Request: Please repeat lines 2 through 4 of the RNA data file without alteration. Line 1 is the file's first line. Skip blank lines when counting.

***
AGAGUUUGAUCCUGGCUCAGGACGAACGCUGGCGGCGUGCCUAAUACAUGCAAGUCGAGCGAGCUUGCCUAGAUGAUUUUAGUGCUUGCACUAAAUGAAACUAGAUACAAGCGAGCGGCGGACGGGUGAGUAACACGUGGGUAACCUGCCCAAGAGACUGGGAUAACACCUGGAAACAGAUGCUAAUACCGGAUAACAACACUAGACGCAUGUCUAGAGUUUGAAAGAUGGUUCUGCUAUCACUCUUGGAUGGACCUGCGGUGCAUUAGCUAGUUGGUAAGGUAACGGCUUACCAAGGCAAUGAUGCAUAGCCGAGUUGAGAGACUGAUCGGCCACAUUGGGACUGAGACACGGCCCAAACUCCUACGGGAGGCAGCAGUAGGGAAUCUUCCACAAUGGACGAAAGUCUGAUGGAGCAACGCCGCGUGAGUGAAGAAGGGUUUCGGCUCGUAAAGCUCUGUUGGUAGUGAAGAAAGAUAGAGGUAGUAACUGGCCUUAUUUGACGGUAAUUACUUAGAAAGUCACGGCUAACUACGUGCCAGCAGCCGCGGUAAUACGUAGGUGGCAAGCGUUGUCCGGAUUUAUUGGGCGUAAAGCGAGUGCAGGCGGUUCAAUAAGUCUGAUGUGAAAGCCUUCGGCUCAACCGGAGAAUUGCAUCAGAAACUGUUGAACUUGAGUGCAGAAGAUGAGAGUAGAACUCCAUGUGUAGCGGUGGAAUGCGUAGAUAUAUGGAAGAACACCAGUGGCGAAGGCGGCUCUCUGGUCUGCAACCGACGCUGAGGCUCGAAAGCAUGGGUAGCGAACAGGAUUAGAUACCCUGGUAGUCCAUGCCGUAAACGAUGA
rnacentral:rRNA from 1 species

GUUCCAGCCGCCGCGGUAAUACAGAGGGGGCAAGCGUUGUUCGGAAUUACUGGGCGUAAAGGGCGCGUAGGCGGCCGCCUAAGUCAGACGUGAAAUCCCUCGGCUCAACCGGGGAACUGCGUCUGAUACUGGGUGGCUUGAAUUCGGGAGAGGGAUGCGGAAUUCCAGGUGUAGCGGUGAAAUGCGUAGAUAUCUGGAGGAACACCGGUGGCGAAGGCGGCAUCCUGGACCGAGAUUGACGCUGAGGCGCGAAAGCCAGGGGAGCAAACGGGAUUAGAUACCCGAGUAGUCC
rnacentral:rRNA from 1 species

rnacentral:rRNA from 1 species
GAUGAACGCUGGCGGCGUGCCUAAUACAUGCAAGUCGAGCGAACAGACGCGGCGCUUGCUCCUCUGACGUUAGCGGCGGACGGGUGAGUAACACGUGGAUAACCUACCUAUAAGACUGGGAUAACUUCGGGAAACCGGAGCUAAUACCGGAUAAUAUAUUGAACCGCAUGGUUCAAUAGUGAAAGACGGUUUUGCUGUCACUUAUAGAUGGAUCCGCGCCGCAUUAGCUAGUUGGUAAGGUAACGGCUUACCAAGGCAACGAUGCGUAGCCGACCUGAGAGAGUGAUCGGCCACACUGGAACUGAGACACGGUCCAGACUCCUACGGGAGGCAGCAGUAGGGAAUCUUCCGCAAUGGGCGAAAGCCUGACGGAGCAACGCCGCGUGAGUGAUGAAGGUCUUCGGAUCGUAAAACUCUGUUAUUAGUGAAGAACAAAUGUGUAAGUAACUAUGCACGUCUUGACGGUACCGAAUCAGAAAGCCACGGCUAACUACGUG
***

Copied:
rnacentral:rRNA from 1 species

GUUCCAGCCGCCGCGGUAAUACAGAGGGGGCAAGCGUUGUUCGGAAUUACUGGGCGUAAAGGGCGCGUAGGCGGCCGCCUAAGUCAGACGUGAAAUCCCUCGGCUCAACCGGGGAACUGCGUCUGAUACUGGGUGGCUUGAAUUCGGGAGAGGGAUGCGGAAUUCCAGGUGUAGCGGUGAAAUGCGUAGAUAUCUGGAGGAACACCGGUGGCGAAGGCGGCAUCCUGGACCGAGAUUGACGCUGAGGCGCGAAAGCCAGGGGAGCAAACGGGAUUAGAUACCCGAGUAGUCC
rnacentral:rRNA from 1 species